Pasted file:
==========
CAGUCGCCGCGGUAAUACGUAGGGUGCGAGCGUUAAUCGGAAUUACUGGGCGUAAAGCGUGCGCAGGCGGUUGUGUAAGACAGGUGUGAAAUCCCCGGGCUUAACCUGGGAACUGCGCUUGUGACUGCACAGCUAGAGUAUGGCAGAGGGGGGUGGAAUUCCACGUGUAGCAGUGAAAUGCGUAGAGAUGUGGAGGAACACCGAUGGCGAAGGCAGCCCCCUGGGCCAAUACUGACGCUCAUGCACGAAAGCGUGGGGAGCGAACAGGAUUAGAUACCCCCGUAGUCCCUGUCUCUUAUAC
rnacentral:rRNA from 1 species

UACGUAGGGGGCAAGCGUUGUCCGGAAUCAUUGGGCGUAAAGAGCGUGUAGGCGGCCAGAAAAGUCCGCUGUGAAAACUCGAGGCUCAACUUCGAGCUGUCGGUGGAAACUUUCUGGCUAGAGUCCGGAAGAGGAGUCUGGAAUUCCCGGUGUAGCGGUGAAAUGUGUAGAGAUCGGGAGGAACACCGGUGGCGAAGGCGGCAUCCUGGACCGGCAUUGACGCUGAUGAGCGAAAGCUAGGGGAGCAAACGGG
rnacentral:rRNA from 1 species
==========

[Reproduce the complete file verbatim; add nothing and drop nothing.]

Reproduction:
CAGUCGCCGCGGUAAUACGUAGGGUGCGAGCGUUAAUCGGAAUUACUGGGCGUAAAGCGUGCGCAGGCGGUUGUGUAAGACAGGUGUGAAAUCCCCGGGCUUAACCUGGGAACUGCGCUUGUGACUGCACAGCUAGAGUAUGGCAGAGGGGGGUGGAAUUCCACGUGUAGCAGUGAAAUGCGUAGAGAUGUGGAGGAACACCGAUGGCGAAGGCAGCCCCCUGGGCCAAUACUGACGCUCAUGCACGAAAGCGUGGGGAGCGAACAGGAUUAGAUACCCCCGUAGUCCCUGUCUCUUAUAC
rnacentral:rRNA from 1 species

UACGUAGGGGGCAAGCGUUGUCCGGAAUCAUUGGGCGUAAAGAGCGUGUAGGCGGCCAGAAAAGUCCGCUGUGAAAACUCGAGGCUCAACUUCGAGCUGUCGGUGGAAACUUUCUGGCUAGAGUCCGGAAGAGGAGUCUGGAAUUCCCGGUGUAGCGGUGAAAUGUGUAGAGAUCGGGAGGAACACCGGUGGCGAAGGCGGCAUCCUGGACCGGCAUUGACGCUGAUGAGCGAAAGCUAGGGGAGCAAACGGG
rnacentral:rRNA from 1 species